German prune (Botany) , a large dark purple plum, of oval shape, often one-sided. It is much used for preserving, either dried or in sirup. -- Prune tree . (Botany) (a) A tree of the genus Prunus ( P. domestica ), which produces prunes. (b) The West Indian tree, Prunus occidentalis . -- South African prune (Botany) , the edible fruit of a sapindaceous tree ( Pappea Capensis ).

Prunella noun [ New Latin , perhaps from German bræune quinsy, croup.] (Medicine) (a) Angina, or angina pectoris. (b) Thrush.

Prunella salt (Old Chem.) , niter fused and cast into little balls.

Prunella, Prunello noun [ French prunelle , probably so called from its color resembling that of prunes. See Prune , noun ] A smooth woolen stuff, generally black, used for making shoes; a kind of lasting; -- formerly used also for clergymen's gowns.

Prunelle noun [ French, dim. of prune . See Prune , noun ] A kind of small and very acid French plum; -- applied especially to the stoned and dried fruit.

Prunello noun [ French prunelle , dim. of prune . See Prune a plum.] A species of dried plum; prunelle.

Pruner noun
1. One who prunes, or removes, what is superfluous.

2. (Zoology) Any one of several species of beetles whose larvæ gnaw the branches of trees so as to cause them to fall, especially the American oak pruner ( Asemum mœstum ), whose larva eats the pith of oak branches, and when mature gnaws a circular furrow on the inside nearly to the bark. When the branches fall each contains a pupa.

Pruniferous adjective [ Latin prunum a plum + -ferous .] Bearing plums.

Pruning noun
1. The act of trimming, or removing what is superfluous.

2. (Falconry) That which is cast off by bird in pruning her feathers; leavings. Beau. & Fl.

Pruning hook , or Pruning knife , cutting instrument used in pruning trees, etc. -- Pruning shears , shears for pruning trees, vines, etc.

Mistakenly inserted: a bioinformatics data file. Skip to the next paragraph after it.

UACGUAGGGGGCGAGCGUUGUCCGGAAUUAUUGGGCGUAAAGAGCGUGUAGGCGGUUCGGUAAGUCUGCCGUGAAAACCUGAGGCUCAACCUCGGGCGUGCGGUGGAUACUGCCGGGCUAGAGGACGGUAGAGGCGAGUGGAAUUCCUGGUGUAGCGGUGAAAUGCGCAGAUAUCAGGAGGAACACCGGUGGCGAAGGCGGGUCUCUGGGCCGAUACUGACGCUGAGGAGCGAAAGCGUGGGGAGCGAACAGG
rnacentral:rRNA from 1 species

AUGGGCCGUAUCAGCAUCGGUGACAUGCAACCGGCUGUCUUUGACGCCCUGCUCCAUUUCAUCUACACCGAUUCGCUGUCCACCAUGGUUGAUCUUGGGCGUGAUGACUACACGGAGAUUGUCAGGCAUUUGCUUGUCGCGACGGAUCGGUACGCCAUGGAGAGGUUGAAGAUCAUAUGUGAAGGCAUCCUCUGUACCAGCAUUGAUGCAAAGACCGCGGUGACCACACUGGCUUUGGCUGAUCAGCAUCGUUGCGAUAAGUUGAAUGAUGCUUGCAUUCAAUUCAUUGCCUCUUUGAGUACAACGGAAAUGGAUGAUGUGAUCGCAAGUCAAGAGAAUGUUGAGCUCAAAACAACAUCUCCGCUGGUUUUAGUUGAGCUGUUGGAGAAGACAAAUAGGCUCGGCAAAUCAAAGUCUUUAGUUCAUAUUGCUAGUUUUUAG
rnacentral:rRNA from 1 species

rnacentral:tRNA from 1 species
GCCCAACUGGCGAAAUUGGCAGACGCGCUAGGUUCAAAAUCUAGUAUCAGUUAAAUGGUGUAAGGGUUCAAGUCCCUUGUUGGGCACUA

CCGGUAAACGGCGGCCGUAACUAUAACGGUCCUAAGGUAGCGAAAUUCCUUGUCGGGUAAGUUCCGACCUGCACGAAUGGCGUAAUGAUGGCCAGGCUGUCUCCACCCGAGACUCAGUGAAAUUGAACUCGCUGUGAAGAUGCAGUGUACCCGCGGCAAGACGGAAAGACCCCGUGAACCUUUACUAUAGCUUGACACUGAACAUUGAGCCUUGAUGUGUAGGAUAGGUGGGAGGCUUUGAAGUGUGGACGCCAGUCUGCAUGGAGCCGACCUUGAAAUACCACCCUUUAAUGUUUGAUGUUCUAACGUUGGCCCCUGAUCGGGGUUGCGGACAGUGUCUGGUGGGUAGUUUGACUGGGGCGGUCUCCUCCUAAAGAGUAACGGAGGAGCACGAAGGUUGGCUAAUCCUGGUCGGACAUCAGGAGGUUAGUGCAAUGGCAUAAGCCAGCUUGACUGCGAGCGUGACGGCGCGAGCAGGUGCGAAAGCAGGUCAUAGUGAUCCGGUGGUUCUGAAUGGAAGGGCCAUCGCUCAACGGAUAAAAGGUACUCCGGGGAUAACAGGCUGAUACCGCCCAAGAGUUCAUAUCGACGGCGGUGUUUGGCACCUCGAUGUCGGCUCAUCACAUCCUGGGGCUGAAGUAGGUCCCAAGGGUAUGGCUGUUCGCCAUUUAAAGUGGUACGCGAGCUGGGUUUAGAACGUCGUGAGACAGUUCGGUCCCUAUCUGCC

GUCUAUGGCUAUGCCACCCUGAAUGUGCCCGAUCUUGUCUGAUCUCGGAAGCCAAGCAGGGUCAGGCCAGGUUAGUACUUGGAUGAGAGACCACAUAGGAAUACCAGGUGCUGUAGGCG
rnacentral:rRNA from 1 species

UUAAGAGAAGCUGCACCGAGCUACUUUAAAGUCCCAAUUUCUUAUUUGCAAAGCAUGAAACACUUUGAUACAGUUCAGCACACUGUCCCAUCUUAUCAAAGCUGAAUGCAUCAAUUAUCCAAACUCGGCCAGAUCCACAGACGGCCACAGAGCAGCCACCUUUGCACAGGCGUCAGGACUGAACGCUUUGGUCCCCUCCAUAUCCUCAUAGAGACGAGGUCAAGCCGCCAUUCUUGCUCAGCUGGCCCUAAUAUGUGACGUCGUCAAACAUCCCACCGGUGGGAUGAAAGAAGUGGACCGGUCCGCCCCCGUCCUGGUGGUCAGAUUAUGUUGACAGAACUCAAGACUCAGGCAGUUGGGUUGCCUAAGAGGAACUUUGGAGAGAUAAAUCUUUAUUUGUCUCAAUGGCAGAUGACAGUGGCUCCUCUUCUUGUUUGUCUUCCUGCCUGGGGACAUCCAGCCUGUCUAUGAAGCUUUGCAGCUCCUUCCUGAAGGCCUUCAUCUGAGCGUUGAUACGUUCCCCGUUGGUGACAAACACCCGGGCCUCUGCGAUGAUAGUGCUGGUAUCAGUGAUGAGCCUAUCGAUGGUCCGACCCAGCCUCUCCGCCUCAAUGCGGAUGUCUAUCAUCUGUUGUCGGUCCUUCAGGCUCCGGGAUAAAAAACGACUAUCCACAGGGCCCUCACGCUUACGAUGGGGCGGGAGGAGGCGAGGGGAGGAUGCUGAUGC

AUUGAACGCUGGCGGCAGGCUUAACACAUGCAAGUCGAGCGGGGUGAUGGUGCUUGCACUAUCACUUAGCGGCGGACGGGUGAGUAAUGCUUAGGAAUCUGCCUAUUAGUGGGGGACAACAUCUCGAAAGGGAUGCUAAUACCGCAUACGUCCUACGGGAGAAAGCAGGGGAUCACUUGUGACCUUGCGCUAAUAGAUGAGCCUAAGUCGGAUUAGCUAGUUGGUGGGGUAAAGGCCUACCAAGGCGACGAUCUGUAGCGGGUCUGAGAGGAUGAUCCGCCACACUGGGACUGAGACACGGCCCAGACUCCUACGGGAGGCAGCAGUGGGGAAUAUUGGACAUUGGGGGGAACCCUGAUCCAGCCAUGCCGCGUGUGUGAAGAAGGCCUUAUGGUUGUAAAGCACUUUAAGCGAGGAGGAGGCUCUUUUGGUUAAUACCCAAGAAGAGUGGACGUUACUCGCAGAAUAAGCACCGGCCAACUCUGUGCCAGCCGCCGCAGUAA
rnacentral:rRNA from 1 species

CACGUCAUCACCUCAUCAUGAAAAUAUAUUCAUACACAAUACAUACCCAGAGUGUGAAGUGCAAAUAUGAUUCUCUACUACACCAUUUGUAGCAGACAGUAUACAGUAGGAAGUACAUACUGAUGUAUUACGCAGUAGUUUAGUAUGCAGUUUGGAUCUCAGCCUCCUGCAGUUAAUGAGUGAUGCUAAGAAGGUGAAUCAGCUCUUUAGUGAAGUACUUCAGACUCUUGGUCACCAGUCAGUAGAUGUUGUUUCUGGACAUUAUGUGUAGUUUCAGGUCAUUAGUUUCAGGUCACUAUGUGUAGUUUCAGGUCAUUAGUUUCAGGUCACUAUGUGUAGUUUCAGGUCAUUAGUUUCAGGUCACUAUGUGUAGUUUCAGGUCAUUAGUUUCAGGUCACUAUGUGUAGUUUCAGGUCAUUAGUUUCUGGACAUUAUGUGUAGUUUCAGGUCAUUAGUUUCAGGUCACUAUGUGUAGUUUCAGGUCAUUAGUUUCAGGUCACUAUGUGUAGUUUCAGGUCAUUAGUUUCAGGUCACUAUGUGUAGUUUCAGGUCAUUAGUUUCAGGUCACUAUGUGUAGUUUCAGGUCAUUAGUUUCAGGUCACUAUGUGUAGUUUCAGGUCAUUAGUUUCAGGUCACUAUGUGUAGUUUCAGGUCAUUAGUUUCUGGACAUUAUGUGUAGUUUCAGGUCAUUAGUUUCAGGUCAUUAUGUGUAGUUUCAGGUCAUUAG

Prunus noun [ Latin , a plum tree.] (Botany) A genus of trees with perigynous rosaceous flowers, and a single two-ovuled carpel which usually becomes a drupe in ripening.

» Originally, this genus was limited to the plums, then, by Linnæus, was made to include the cherries and the apricot. Later botanists separated these into several genera, as Prunus , Cerasus , and Armeniaca , but now, by Bentham and Hooker, the plums, cherries, cherry laurels, peach, almond, and nectarine are all placed in Prunus .

Prurience, Pruriency noun The quality or state of being prurient.

The pruriency of curious ears.
Burke.

There is a prurience in the speech of some.
Cowper.

Prurient adjective [ Latin pruries , - entis , present participle of prurire to itch. Confer Freeze .] Uneasy with desire; itching; especially, having a lascivious curiosity or propensity; lustful. -- Pru"ri*ent*ly , adverb

The eye of the vain and prurient is darting from object to object of illicit attraction.
I. Taylor.

Pruriginous adjective [ Latin pruriginosus : confer French prurigineux .] (Medicine) Tending to, or caused by, prurigo; affected by, or of the nature of, prurigo.

Prurigo noun [ Latin , an itching, the itch, from prurire to itch.] (Medicine) A papular disease of the skin, of which intense itching is the chief symptom, the eruption scarcely differing from the healthy cuticle in color.

Pruritus noun [ Latin ] (Medicine) Itching.

Prussian adjective [ From Prussia , the country: confer French prussien .] Of or pertaining to Prussia. -- noun A native or inhabitant of Prussia.